Roundelay: Facts

Key Facts relating to Alan Ayckbourn's Roundelay.
  • Roundelay is Alan Ayckbourn's 78th play.
  • The world premiere was held at the Stephen Joseph Theatre, Scarborough, on 9 September 2014.
  • It is one of Alan Ayckbourn's 'chance' plays in which the order of the plays consisting Roundelay are randomly chosen by the audience prior to each performance. Other chance plays include Sisterly Feelings, It Could Be Any One Of Us and Mr A's Amazing Maze Plays.
  • The play was initially inspired by Chris Ware's award-winning graphic novel Building Stories in which the reader chooses the order in which to read the stories within, affecting the story and each individual reader's perception of events.
  • It went through several title changes including I.O.U. and Order Of Appearance before settling on Roundelay.
  • Roundelay has five plays - The Agent, The Judge, The Novelist, The Politician and The Star - with a possible 120 permutations; the order randomly decided by the public just prior to performance.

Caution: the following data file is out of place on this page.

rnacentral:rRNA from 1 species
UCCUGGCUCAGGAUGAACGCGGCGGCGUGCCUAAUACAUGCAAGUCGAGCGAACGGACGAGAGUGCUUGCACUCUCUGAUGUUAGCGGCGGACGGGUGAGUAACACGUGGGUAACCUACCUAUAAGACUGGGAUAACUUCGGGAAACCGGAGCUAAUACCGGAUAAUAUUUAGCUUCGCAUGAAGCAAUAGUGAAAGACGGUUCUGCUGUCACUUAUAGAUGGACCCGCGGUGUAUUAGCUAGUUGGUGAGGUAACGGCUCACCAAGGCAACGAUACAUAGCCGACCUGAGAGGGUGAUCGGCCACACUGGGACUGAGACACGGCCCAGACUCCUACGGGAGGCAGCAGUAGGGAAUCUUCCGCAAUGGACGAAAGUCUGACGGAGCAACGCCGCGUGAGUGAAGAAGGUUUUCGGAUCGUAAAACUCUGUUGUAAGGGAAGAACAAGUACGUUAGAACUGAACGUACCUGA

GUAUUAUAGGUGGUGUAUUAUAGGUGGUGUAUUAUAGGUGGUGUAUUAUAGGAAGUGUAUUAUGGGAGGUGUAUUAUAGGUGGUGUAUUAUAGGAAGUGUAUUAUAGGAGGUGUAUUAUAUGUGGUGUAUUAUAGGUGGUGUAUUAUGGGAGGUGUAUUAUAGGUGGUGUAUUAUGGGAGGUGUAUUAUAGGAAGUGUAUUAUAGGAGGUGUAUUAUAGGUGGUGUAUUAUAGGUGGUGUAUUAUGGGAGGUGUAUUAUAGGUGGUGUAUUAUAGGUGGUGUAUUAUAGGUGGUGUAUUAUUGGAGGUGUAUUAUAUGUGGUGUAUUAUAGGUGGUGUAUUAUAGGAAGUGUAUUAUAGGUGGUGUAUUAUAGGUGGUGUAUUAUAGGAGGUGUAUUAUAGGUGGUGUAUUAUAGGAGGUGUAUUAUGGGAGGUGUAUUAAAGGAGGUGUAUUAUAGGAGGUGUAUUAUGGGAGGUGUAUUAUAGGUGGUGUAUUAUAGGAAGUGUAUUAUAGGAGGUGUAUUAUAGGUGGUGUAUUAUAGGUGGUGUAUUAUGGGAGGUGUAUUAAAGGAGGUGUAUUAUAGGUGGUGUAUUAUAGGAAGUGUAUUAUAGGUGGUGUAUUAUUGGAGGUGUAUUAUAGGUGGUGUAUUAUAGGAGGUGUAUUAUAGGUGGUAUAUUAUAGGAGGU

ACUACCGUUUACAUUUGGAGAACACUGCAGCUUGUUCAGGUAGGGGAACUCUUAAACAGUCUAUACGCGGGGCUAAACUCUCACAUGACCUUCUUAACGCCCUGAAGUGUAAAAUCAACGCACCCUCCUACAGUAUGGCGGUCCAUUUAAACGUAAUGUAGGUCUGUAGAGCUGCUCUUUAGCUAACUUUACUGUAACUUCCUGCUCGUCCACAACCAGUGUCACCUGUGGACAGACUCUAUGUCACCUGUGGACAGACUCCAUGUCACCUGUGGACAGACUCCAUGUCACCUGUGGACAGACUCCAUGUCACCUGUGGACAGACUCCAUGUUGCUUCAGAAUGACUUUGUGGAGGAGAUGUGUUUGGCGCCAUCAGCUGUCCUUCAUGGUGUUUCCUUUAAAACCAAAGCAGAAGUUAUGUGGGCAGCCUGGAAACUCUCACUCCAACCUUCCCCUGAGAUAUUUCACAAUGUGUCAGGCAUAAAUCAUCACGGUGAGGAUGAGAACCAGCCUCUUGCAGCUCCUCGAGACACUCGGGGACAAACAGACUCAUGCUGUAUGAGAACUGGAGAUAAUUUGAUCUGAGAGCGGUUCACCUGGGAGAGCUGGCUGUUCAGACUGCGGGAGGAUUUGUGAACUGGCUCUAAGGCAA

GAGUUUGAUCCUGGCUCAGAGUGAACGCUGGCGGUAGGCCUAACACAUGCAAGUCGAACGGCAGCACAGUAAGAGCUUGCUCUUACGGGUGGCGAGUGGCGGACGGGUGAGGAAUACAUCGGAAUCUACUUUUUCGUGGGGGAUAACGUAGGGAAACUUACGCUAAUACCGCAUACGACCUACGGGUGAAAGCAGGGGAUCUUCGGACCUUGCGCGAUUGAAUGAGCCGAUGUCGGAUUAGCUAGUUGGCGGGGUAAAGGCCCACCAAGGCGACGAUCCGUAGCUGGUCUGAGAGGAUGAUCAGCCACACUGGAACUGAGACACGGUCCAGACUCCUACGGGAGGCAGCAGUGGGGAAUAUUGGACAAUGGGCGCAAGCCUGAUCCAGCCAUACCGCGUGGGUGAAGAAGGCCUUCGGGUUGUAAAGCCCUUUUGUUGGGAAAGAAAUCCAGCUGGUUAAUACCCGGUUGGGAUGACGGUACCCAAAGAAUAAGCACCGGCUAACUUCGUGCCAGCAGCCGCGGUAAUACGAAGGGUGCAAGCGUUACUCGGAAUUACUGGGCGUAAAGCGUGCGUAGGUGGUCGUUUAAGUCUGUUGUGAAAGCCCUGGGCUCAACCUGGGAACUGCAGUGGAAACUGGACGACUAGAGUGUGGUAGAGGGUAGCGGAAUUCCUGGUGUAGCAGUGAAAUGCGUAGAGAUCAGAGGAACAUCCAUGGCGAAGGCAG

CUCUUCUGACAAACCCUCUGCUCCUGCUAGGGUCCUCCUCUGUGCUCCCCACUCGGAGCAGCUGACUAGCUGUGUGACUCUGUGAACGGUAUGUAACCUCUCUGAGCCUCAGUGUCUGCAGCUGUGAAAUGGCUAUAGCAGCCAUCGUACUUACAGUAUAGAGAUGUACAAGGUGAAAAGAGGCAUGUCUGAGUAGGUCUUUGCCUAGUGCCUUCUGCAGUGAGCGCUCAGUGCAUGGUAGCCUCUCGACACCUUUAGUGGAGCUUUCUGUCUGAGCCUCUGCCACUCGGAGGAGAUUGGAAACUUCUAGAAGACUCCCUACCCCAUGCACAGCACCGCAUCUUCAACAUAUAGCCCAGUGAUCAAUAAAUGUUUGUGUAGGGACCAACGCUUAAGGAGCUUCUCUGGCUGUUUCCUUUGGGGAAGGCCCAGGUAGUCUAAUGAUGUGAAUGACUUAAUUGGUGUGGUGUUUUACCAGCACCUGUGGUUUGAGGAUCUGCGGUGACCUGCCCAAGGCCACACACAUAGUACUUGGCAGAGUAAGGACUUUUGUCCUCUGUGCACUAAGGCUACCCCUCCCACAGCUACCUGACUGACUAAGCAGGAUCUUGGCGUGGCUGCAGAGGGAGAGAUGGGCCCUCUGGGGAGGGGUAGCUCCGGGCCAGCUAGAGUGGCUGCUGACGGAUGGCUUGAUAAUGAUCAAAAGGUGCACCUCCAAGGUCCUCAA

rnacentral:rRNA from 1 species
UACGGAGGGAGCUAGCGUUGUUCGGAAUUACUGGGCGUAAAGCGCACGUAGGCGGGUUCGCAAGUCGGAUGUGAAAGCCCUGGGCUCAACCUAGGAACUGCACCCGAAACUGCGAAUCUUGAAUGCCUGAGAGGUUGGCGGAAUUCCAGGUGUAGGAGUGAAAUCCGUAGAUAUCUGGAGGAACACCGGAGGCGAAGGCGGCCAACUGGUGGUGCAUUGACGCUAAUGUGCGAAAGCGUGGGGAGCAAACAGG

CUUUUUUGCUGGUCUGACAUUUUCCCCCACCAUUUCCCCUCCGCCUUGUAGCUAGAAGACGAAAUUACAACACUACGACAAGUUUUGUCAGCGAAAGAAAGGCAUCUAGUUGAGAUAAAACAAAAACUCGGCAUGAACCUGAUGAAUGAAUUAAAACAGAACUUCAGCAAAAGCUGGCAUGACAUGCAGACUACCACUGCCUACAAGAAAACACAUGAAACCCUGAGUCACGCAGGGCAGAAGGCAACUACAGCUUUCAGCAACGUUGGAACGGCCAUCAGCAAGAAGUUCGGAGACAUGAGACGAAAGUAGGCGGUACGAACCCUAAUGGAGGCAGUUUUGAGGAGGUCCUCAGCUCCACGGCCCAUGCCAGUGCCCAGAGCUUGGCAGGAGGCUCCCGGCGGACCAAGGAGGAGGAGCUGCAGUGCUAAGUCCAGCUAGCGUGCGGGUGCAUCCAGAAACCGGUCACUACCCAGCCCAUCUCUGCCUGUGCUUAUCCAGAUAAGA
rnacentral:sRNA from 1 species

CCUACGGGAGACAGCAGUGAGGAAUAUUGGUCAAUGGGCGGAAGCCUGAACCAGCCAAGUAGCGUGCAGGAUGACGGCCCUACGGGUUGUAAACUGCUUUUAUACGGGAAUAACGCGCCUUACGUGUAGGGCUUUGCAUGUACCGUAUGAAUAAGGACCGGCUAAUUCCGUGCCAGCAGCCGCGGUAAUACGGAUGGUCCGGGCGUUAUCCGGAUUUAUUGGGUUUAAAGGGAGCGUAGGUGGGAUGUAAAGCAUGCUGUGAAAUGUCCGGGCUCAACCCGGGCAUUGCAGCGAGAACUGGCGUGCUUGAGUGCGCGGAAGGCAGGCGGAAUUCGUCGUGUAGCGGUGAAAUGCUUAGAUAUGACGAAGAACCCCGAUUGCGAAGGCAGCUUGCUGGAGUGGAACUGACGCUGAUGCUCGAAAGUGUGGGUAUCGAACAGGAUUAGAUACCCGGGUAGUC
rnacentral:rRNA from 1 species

• During the initial run at the Stephen Joseph Theatre, there were 35 performances of which there were three repeated permutations; a complete list of performed permutations (and repeats) for the 2014 run of Roundelay can be found on the Statistics page.
  • Due to its three hour running time, it was briefly considered either performing only four of the five plays each evening or dropping one of the plays entirely during its world premiere run; but the play was performed complete as originally intended.
  • Uniquely since Alan's retirement as Artistic Director of the Stephen Joseph Theatre in 2009, Roundelay did not play in repertory with another Ayckbourn play. Whilst the new musical adaptation of Alan's play The Boy Who Fell Into A Book opened in the same season, it did not run in repertory due to having an entirely different cast because of the differing cast needs of a musical and play.
  • The lottery balls used to choose the permutations of the play prior to each performance were made by Alan's son, Steven Ayckbourn.
  • Like Alan's previous works The Norman Conquests and House & Garden, Roundelay plays with audiences perceptions and expectations. How we perceive characters and events is altered by the order in which we see the plays and the prior information we hold as each play begins.
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